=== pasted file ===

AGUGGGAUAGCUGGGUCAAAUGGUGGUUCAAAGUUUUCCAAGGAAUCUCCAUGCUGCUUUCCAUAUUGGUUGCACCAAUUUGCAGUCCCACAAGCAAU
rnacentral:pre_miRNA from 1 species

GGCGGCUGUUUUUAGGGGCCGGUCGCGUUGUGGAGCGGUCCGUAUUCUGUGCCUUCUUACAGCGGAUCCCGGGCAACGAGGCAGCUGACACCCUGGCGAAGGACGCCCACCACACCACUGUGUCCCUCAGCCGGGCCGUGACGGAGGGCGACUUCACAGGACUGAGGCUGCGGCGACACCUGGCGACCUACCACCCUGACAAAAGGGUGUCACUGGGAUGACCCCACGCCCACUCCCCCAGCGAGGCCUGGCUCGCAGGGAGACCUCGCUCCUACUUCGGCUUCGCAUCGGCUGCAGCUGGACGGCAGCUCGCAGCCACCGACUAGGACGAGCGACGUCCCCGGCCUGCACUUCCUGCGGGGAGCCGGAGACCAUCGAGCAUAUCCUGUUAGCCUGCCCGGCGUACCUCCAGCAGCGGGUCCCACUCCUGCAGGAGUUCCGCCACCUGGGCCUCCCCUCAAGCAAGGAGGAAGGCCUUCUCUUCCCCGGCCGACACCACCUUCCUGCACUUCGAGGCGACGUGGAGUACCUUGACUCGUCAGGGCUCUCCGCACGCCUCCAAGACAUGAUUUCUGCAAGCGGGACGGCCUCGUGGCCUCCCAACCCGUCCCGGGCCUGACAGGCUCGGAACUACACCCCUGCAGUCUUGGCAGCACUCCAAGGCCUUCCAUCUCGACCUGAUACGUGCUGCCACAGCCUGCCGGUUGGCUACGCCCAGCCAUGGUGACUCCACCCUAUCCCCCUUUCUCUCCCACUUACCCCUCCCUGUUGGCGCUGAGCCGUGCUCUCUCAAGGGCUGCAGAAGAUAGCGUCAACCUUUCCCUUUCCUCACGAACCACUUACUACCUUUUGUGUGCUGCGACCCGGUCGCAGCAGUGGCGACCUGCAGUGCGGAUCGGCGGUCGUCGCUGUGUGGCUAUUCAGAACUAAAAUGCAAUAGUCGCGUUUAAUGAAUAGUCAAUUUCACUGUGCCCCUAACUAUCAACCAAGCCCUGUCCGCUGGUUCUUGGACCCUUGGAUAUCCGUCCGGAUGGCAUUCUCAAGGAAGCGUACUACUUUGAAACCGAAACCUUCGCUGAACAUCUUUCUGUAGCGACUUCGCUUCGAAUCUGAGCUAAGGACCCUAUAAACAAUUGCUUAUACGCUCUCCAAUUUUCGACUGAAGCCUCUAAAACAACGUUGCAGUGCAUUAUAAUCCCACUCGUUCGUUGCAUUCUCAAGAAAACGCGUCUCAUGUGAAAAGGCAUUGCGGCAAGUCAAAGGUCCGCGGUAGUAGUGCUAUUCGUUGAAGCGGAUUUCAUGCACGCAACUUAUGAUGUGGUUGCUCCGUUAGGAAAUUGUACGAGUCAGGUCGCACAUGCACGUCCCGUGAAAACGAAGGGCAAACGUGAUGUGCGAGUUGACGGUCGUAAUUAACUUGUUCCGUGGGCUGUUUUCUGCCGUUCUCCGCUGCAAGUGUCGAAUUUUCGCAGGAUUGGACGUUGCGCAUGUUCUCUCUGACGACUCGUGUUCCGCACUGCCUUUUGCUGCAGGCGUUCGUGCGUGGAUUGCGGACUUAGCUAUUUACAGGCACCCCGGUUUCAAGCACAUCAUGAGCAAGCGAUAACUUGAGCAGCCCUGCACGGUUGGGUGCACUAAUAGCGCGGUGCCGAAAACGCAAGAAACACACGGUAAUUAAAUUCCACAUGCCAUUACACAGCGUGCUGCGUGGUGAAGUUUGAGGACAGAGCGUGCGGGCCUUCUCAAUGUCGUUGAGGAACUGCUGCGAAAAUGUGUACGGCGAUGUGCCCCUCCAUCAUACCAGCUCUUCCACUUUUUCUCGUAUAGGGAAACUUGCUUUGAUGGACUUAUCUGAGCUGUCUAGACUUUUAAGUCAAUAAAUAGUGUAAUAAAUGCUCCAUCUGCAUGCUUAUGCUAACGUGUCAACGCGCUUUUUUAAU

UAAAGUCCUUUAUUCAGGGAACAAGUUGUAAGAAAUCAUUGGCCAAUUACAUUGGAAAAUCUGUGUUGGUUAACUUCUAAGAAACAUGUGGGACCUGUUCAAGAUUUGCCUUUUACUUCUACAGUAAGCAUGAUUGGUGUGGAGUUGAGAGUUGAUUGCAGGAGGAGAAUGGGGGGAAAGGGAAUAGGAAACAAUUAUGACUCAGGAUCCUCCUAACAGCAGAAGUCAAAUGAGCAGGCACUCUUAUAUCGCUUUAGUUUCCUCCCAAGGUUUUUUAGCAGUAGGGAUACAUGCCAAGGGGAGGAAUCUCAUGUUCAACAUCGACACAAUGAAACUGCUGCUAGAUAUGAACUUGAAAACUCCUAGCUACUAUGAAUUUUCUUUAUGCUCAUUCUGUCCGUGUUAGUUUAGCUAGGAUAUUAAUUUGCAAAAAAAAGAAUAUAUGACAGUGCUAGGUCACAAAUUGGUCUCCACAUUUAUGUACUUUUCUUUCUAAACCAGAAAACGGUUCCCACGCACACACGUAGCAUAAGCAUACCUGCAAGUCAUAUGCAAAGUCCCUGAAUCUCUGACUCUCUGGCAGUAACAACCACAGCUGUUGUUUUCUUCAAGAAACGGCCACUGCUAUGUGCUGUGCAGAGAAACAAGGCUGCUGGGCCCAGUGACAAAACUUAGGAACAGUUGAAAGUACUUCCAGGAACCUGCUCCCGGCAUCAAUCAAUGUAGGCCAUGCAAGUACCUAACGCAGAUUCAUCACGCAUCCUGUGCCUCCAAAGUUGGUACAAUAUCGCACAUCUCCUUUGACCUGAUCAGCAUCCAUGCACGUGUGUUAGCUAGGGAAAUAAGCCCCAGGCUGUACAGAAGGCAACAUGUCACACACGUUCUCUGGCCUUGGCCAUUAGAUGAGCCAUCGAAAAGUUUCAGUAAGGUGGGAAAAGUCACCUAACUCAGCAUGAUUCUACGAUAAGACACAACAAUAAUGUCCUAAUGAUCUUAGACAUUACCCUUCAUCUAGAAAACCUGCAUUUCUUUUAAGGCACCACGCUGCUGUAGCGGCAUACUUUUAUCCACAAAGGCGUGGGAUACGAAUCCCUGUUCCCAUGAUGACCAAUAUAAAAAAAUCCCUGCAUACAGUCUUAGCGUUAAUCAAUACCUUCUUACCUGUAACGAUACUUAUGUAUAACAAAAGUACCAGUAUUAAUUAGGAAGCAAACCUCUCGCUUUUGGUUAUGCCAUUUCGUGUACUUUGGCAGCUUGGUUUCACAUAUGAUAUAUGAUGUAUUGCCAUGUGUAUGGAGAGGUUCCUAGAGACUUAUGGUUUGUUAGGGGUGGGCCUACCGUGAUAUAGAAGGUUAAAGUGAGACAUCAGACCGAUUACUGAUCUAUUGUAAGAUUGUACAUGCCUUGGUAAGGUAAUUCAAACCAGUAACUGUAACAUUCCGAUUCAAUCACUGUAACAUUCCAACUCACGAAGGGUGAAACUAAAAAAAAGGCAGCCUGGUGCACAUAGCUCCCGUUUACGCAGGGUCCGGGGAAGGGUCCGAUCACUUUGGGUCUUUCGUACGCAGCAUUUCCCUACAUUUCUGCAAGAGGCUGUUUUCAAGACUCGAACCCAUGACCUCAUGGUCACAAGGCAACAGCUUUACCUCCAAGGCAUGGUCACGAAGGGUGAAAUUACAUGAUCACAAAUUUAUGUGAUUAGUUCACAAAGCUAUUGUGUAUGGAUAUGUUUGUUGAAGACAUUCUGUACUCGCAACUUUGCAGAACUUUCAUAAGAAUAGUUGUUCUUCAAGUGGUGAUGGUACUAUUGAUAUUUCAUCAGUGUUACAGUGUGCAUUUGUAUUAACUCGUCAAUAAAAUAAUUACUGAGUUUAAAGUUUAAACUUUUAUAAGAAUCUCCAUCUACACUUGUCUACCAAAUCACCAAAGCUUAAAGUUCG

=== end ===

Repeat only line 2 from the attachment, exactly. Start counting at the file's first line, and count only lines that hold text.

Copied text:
rnacentral:pre_miRNA from 1 species